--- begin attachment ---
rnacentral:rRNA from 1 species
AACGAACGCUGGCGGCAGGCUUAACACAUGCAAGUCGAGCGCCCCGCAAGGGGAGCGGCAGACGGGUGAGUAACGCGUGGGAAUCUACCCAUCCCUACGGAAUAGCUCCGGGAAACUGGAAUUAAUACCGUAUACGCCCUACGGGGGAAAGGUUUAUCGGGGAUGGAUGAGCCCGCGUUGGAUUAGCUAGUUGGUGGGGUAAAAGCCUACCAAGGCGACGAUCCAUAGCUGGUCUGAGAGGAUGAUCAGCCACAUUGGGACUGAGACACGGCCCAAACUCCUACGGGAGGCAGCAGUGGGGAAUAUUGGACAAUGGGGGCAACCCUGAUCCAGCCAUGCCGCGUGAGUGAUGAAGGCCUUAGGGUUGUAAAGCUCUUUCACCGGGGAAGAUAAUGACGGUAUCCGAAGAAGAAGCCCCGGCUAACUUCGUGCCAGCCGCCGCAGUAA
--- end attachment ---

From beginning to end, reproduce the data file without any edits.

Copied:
rnacentral:rRNA from 1 species
AACGAACGCUGGCGGCAGGCUUAACACAUGCAAGUCGAGCGCCCCGCAAGGGGAGCGGCAGACGGGUGAGUAACGCGUGGGAAUCUACCCAUCCCUACGGAAUAGCUCCGGGAAACUGGAAUUAAUACCGUAUACGCCCUACGGGGGAAAGGUUUAUCGGGGAUGGAUGAGCCCGCGUUGGAUUAGCUAGUUGGUGGGGUAAAAGCCUACCAAGGCGACGAUCCAUAGCUGGUCUGAGAGGAUGAUCAGCCACAUUGGGACUGAGACACGGCCCAAACUCCUACGGGAGGCAGCAGUGGGGAAUAUUGGACAAUGGGGGCAACCCUGAUCCAGCCAUGCCGCGUGAGUGAUGAAGGCCUUAGGGUUGUAAAGCUCUUUCACCGGGGAAGAUAAUGACGGUAUCCGAAGAAGAAGCCCCGGCUAACUUCGUGCCAGCCGCCGCAGUAA